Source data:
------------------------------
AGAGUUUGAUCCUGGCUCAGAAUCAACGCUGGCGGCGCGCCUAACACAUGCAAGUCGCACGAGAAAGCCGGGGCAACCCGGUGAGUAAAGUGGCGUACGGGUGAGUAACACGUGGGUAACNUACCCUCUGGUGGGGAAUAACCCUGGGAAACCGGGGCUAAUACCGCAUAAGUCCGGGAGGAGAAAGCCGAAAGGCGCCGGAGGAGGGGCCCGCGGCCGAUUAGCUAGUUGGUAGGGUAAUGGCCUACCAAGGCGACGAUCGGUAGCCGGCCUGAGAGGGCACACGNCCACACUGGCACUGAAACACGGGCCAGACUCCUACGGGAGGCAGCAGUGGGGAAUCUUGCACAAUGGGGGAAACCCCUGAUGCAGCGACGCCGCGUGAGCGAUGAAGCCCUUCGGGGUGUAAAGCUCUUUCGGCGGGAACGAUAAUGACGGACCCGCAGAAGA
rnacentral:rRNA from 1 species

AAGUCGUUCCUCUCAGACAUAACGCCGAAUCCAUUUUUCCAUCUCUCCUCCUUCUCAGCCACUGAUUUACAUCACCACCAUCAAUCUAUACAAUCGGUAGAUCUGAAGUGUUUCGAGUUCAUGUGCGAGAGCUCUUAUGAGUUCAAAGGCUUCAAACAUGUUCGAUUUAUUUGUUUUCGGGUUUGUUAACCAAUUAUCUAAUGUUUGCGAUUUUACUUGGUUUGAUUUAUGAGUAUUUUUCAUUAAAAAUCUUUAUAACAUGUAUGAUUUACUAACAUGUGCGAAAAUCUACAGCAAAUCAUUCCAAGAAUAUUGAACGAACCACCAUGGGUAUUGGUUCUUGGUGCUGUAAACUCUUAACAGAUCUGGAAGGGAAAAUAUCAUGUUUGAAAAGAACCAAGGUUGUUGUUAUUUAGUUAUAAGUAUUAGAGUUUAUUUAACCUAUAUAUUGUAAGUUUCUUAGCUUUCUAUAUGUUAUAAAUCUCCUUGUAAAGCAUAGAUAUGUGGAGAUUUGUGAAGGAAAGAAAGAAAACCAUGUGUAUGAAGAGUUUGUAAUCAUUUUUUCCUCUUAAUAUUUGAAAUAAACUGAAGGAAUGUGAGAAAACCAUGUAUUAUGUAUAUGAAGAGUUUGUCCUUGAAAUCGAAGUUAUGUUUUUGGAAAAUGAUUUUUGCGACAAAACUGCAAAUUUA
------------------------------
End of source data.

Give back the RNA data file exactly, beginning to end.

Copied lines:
AGAGUUUGAUCCUGGCUCAGAAUCAACGCUGGCGGCGCGCCUAACACAUGCAAGUCGCACGAGAAAGCCGGGGCAACCCGGUGAGUAAAGUGGCGUACGGGUGAGUAACACGUGGGUAACNUACCCUCUGGUGGGGAAUAACCCUGGGAAACCGGGGCUAAUACCGCAUAAGUCCGGGAGGAGAAAGCCGAAAGGCGCCGGAGGAGGGGCCCGCGGCCGAUUAGCUAGUUGGUAGGGUAAUGGCCUACCAAGGCGACGAUCGGUAGCCGGCCUGAGAGGGCACACGNCCACACUGGCACUGAAACACGGGCCAGACUCCUACGGGAGGCAGCAGUGGGGAAUCUUGCACAAUGGGGGAAACCCCUGAUGCAGCGACGCCGCGUGAGCGAUGAAGCCCUUCGGGGUGUAAAGCUCUUUCGGCGGGAACGAUAAUGACGGACCCGCAGAAGA
rnacentral:rRNA from 1 species

AAGUCGUUCCUCUCAGACAUAACGCCGAAUCCAUUUUUCCAUCUCUCCUCCUUCUCAGCCACUGAUUUACAUCACCACCAUCAAUCUAUACAAUCGGUAGAUCUGAAGUGUUUCGAGUUCAUGUGCGAGAGCUCUUAUGAGUUCAAAGGCUUCAAACAUGUUCGAUUUAUUUGUUUUCGGGUUUGUUAACCAAUUAUCUAAUGUUUGCGAUUUUACUUGGUUUGAUUUAUGAGUAUUUUUCAUUAAAAAUCUUUAUAACAUGUAUGAUUUACUAACAUGUGCGAAAAUCUACAGCAAAUCAUUCCAAGAAUAUUGAACGAACCACCAUGGGUAUUGGUUCUUGGUGCUGUAAACUCUUAACAGAUCUGGAAGGGAAAAUAUCAUGUUUGAAAAGAACCAAGGUUGUUGUUAUUUAGUUAUAAGUAUUAGAGUUUAUUUAACCUAUAUAUUGUAAGUUUCUUAGCUUUCUAUAUGUUAUAAAUCUCCUUGUAAAGCAUAGAUAUGUGGAGAUUUGUGAAGGAAAGAAAGAAAACCAUGUGUAUGAAGAGUUUGUAAUCAUUUUUUCCUCUUAAUAUUUGAAAUAAACUGAAGGAAUGUGAGAAAACCAUGUAUUAUGUAUAUGAAGAGUUUGUCCUUGAAAUCGAAGUUAUGUUUUUGGAAAAUGAUUUUUGCGACAAAACUGCAAAUUUA